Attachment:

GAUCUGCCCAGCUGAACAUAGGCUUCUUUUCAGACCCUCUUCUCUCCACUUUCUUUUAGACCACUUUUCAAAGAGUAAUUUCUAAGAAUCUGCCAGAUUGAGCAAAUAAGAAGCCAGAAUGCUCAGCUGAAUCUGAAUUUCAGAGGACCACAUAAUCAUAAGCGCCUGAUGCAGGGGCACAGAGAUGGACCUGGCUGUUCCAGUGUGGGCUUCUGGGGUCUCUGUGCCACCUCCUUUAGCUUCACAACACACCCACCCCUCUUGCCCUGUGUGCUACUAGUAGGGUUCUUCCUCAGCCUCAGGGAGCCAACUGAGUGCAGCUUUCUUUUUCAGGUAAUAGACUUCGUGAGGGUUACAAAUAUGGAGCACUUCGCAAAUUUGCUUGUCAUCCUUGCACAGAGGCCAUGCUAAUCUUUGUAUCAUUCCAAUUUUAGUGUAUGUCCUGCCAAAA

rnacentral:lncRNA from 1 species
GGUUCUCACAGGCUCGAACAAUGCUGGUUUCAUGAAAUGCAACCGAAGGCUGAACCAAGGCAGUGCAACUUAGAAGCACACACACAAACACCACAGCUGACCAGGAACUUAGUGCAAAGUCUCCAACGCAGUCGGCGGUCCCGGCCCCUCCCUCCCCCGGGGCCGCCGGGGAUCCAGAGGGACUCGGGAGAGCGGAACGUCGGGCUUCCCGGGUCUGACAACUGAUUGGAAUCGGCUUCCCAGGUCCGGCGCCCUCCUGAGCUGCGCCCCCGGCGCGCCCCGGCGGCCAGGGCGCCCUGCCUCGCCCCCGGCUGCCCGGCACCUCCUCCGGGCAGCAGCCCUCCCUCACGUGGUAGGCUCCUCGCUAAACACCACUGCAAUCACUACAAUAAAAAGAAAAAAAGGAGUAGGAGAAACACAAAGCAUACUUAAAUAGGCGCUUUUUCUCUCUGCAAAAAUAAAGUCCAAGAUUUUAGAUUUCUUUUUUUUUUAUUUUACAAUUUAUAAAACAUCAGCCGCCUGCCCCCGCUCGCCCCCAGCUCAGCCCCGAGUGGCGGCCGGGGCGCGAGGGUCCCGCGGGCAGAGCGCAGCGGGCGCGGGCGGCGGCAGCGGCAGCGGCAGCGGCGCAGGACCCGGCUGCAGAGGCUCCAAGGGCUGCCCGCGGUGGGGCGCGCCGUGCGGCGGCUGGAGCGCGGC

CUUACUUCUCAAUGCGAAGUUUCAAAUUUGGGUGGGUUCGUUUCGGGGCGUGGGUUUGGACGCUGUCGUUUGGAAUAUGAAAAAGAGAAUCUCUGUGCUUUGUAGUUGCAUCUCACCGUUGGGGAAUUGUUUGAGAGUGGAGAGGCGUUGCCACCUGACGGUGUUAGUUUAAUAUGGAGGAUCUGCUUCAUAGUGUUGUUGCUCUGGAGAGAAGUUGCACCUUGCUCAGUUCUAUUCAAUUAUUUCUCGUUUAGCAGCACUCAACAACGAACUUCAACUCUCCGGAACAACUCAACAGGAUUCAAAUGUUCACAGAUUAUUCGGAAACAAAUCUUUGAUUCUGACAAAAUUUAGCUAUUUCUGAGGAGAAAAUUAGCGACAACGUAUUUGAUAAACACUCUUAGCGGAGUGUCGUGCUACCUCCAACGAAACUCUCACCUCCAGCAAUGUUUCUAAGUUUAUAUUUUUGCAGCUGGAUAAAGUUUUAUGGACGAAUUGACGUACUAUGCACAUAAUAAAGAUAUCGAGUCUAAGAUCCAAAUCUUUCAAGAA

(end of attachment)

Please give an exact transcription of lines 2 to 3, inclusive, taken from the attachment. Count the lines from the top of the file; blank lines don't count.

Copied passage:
rnacentral:lncRNA from 1 species
GGUUCUCACAGGCUCGAACAAUGCUGGUUUCAUGAAAUGCAACCGAAGGCUGAACCAAGGCAGUGCAACUUAGAAGCACACACACAAACACCACAGCUGACCAGGAACUUAGUGCAAAGUCUCCAACGCAGUCGGCGGUCCCGGCCCCUCCCUCCCCCGGGGCCGCCGGGGAUCCAGAGGGACUCGGGAGAGCGGAACGUCGGGCUUCCCGGGUCUGACAACUGAUUGGAAUCGGCUUCCCAGGUCCGGCGCCCUCCUGAGCUGCGCCCCCGGCGCGCCCCGGCGGCCAGGGCGCCCUGCCUCGCCCCCGGCUGCCCGGCACCUCCUCCGGGCAGCAGCCCUCCCUCACGUGGUAGGCUCCUCGCUAAACACCACUGCAAUCACUACAAUAAAAAGAAAAAAAGGAGUAGGAGAAACACAAAGCAUACUUAAAUAGGCGCUUUUUCUCUCUGCAAAAAUAAAGUCCAAGAUUUUAGAUUUCUUUUUUUUUUAUUUUACAAUUUAUAAAACAUCAGCCGCCUGCCCCCGCUCGCCCCCAGCUCAGCCCCGAGUGGCGGCCGGGGCGCGAGGGUCCCGCGGGCAGAGCGCAGCGGGCGCGGGCGGCGGCAGCGGCAGCGGCAGCGGCGCAGGACCCGGCUGCAGAGGCUCCAAGGGCUGCCCGCGGUGGGGCGCGCCGUGCGGCGGCUGGAGCGCGGC